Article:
A: Zachary White:
Through our care experiences, research, and advocacy, we sought out community and understanding with others. As Donna says, we feel like we know one another so well even though we haven’t met in person. But from the very beginning, and in our countless email and Skype conversations, we know we work tremendously well together and our work and perspectives so complement one another as we merge the need to make meaning our of the care experience so we can become better advocates for our loved ones and ourselves.
Q: How did you go about structuring a co-written book?
A: Donna Thomson:
First we had to decide on themes and subject areas. We wanted to make sure that the ‘story’ of caregiving experience made sense. Zachary’s work centers on caregiving identity, while my knowledge is rooted more in practical tools and community assets. In a nutshell, we decided that if we could help caregivers to develop a language to describe their experience, then they could better understand their life story. That life story and the expression of it can be a springboard to becoming proactive in the community in order to ease the burden of care and develop more meaningful relationships with others.
Q: Zachary, what subjects did you write about in the book?
A: We work from the premise that caregivers are experts in their own care experiences. But what we can provide is an explanation as to why caregivers feel, think, and act the way they do because of the dynamics at play in both the caregiver role and relationship. For too many of us caregivers, care is relegated to a ‘private’ experience. In our book, we examined and explore the various transformations caregivers experience, including:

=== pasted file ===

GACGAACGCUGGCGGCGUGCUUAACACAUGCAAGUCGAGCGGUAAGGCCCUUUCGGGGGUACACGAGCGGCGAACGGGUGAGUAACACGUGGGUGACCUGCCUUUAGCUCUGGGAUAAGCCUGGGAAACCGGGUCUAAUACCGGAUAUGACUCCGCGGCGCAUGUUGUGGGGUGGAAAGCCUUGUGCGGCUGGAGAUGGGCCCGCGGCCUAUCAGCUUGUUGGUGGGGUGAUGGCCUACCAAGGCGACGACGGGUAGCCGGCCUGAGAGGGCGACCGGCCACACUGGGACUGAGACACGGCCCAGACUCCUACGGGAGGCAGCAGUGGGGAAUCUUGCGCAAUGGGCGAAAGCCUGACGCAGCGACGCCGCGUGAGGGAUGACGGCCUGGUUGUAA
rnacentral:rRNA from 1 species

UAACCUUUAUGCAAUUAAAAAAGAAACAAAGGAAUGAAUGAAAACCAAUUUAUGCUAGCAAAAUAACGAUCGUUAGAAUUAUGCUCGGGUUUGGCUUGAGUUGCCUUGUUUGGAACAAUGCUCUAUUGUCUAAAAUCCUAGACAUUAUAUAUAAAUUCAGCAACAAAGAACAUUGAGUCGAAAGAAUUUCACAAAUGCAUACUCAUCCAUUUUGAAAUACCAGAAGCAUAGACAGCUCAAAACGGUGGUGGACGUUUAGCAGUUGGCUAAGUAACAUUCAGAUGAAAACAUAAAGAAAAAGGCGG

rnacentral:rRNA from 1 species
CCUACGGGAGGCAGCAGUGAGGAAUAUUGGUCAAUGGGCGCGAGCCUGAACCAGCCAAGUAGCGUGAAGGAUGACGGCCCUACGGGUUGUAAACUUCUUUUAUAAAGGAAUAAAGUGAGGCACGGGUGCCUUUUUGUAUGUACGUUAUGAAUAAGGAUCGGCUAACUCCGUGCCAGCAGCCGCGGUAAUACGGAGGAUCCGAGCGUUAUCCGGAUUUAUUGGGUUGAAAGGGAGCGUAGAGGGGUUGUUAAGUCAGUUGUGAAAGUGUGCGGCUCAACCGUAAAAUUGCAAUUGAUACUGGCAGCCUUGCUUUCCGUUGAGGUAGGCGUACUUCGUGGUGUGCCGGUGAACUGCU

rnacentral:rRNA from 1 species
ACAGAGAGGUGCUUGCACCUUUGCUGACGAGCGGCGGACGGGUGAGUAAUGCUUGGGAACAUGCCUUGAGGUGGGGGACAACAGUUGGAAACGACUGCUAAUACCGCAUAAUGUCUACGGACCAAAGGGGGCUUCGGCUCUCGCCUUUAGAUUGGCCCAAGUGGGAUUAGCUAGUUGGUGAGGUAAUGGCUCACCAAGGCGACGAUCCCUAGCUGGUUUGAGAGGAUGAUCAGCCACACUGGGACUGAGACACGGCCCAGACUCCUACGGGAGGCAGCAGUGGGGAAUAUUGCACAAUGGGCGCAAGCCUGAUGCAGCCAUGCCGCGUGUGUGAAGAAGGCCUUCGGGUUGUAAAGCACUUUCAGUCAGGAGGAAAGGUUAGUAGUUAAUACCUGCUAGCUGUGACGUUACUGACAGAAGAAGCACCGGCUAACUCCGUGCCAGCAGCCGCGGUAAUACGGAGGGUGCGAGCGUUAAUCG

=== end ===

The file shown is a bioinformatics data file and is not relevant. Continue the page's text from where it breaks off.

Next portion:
- the challenges of making sense of care experiences
- why caregivers may feel so disconnected from family and friends
- the support limitations of people caregivers know best and expect the most from
- why caregivers often feel that they lose parts of themselves amidst their never-ending responsibilities
- how care threatens and complicates pre-existing relationship expectations
- and why it’s so important to begin paying attention to the newfound values and ways of being with others that caregivers are developing as a result of their care experiences.
Q: Donna, what did you write about?
A: Knowing what you need and how to get what you want in the way of home help is my area. I’ve written about topics such as coordinating circles of family and paid support, mapping care relationships and locating hidden (helpful) resources in the neighborhood. Each chapter of our book includes caregiver stories of how the themes we discuss play out in peoples’ lives.
Q: What do you Hope Readers will take away from your book?
A: Donna and Zachary:
The greatest compliments we’ve received from early readers of our book is that we put into words what they have been feeling and experiencing. We hope that readers can find themselves in the care transformations we talk about. Our book seeks to help people understand how their care role and relationship is shaping them—their values and beliefs in ways they could not have anticipated and perhaps, did not know how to articulate before reading our book. Advocacy doesn’t happen by accident—it’s a byproduct of a deeper understanding of what you need and knowing how to get what you want for yourself and your loved one. We hope this new understanding of the caregiver identity, combined with a set of practical tools, will ease the burden of care for readers and reveal to them the strength and wisdom that comes with their care experiences.